Beating Goliath: Why Insurgencies Win

Potomac Books, Inc.
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Beating Goliath examines the phenomenon of victories by the weak over the strong--more specifically, insurgencies that succeeded against great powers. Jeffrey Record reviews eleven insurgent wars from 1775 to the present and determines why the seemingly weaker side won. He concludes that external assistance correlates more consistently with insurgent success than any other explanation. He does not disparage the critical importance of will, strategy, and strong-side regime type or suggest that external assistance guarantees success. Indeed, in all cases, some combination of these factors is usually present. But Record finds few if any cases of unassisted insurgent victories except against the most decrepit regimes. Having identified the ingredients of insurgent success, Record examines the present insurgency in Iraq and whether the United States can win. In so doing, Record employs a comparative analysis of the Vietnam War and the Iraq War. He also identifies and assesses the influence of distinctive features of the American way of war on the U.S. forces' performance against the Iraqi insurgency. Make no mistake: insurgent victories are the exception, not the rule. But when David does beat Goliath, the consequences can be earth shattering and change the course of history. Jeffrey Record's persuasive logic and clear writing make this timely book a must read for scholars, policymakers, military strategists, and anyone interested in the Iraq War's outcome.
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About the author

Jeffrey Record is now professor of strategy at the U.S. Air Force's Air War College.
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Additional Information

Publisher
Potomac Books, Inc.
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Published on
Dec 31, 2007
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Pages
180
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ISBN
9781597970907
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Language
English
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Genres
History / Military / Strategy
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Content Protection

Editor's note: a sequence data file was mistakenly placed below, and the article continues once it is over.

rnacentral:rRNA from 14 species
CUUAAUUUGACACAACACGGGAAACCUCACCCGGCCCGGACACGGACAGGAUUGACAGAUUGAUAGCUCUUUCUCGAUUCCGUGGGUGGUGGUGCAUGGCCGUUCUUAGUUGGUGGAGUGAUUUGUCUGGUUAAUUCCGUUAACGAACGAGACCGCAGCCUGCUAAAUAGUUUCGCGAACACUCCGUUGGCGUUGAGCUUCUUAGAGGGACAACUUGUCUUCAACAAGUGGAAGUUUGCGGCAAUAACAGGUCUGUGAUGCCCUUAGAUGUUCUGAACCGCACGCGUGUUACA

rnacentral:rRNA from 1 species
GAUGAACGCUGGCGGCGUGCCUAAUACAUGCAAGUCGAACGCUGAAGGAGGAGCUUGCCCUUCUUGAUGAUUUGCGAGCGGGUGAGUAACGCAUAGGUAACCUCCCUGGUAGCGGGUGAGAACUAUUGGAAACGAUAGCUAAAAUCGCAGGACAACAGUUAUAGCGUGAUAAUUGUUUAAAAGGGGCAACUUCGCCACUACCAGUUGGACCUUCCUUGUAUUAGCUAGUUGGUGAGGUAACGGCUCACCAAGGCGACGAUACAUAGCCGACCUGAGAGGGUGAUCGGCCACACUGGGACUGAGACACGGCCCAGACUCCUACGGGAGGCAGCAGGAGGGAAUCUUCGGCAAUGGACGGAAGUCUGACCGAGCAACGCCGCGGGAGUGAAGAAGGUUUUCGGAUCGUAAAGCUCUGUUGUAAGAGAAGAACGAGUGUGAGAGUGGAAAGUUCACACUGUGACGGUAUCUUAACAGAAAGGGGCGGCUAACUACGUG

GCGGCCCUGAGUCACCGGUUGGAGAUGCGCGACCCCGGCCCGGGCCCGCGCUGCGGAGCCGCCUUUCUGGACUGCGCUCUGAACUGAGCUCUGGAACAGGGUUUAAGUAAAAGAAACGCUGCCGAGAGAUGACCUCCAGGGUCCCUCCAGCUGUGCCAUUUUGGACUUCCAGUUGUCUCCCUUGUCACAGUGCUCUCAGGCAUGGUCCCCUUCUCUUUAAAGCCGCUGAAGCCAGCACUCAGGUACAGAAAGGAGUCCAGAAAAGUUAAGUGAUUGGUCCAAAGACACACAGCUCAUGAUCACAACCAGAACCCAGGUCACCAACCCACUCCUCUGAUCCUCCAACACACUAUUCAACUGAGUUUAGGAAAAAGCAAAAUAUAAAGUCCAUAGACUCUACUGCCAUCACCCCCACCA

This content is DRM protected.
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"Wanting War" is the first comprehensive analysis of the often contradictory reasons why President George W. Bush went to war in Iraq and of the war s impact on future U.S. armed intervention abroad. Though the White House sold the war as a necessity to eliminate an alleged Iraqi threat, other agendas were at play. Drawing on new assessments of George W. Bush s presidency, recent memoirs by key administration decision makers, and Jeffrey Record s own expertise on U.S. military interventions since World War II, "Wanting War" contends that Bush s invasion of Iraq was more about the arrogance of post Cold War American power than it was about Saddam Hussein. Ultimately, Iraq was selected not because it posed a convincing security threat but because Baghdad was militarily helpless. Operation Iraqi Freedom was a demonstration of American power, especially the will to use it. Ironically, as Record points out, a war launched to advertise American combativeness is likely to lead U.S. foreign policymakers and military leaders to be averse to using force in all but the most favorable circumstances. But this new respect for the limits of America s conventional military power, especially as an instrument of ffecting political change in foreign cultures, and for the inherent risks and uncertainties of war, may prove to be one of the Iraq War s few positive legacies. Record argues that the American experience in Iraq ought to be a cautionary tale for those who advocate for further U.S. military action."